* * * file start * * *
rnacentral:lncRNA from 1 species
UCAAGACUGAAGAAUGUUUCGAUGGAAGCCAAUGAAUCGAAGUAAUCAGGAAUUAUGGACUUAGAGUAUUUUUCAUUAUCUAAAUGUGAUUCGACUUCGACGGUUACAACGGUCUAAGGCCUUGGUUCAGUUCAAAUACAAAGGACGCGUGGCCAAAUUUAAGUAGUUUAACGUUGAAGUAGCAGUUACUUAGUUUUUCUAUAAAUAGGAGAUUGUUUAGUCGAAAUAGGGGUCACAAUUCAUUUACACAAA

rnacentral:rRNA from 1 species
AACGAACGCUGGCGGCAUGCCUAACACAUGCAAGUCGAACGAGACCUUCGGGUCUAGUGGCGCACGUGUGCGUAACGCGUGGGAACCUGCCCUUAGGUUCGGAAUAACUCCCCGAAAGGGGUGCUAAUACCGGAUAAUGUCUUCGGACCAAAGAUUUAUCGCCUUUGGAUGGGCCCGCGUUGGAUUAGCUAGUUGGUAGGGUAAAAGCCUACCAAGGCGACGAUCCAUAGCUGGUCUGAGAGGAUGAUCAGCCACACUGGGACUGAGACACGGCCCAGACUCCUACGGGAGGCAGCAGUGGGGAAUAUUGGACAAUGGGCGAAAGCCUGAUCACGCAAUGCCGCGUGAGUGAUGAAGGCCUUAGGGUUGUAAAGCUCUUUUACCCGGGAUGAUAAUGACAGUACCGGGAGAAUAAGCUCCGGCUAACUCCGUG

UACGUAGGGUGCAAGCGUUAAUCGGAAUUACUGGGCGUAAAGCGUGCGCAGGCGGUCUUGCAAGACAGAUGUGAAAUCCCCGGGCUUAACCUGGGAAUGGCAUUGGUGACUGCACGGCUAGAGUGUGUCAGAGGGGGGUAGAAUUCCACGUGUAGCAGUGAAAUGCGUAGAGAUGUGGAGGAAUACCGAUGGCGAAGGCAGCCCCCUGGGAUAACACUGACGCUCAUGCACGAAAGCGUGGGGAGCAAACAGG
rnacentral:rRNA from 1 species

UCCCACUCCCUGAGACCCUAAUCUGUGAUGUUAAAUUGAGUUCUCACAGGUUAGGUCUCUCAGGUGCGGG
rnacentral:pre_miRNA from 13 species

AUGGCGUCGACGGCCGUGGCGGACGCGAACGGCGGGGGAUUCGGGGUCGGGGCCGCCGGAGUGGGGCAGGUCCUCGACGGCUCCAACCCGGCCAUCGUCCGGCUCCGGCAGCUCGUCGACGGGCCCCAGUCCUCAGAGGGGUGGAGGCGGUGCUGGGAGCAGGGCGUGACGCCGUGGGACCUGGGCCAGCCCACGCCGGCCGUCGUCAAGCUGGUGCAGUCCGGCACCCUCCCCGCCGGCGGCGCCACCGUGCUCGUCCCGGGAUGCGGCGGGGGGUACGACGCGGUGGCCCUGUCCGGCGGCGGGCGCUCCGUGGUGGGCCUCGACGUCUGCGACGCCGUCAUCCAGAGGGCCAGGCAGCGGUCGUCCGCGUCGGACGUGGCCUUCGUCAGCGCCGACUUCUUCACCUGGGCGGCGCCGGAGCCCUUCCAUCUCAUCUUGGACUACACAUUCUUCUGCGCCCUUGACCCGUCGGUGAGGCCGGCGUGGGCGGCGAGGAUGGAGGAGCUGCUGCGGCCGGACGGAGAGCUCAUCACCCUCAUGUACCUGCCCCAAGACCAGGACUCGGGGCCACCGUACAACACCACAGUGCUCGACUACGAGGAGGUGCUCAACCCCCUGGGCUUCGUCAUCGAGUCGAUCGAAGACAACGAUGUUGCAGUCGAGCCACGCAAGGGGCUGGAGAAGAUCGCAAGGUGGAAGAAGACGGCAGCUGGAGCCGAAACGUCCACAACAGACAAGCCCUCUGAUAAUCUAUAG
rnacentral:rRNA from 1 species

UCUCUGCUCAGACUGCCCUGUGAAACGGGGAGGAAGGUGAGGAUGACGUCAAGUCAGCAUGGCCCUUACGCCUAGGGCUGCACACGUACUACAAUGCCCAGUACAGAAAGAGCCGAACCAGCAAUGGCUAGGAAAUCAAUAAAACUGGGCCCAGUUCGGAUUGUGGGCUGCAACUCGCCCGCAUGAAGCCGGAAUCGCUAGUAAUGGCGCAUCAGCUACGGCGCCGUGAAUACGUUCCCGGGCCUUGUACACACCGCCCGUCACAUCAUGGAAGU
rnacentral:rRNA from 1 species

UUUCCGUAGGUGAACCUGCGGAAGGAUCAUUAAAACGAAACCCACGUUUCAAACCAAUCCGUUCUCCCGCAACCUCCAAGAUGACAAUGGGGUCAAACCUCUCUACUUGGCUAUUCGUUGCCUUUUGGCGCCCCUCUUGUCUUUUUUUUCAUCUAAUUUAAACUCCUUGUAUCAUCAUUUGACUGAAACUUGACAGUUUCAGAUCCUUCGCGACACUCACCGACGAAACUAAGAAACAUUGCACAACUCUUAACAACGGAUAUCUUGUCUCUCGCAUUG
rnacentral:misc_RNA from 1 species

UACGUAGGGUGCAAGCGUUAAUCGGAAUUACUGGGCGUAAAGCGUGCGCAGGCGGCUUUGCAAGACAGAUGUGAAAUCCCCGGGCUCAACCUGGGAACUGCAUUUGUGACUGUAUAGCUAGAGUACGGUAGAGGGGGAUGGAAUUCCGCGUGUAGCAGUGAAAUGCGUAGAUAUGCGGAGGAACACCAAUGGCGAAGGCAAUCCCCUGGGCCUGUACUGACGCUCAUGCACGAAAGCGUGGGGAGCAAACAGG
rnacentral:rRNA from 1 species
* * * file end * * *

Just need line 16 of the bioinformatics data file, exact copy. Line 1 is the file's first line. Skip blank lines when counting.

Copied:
rnacentral:rRNA from 1 species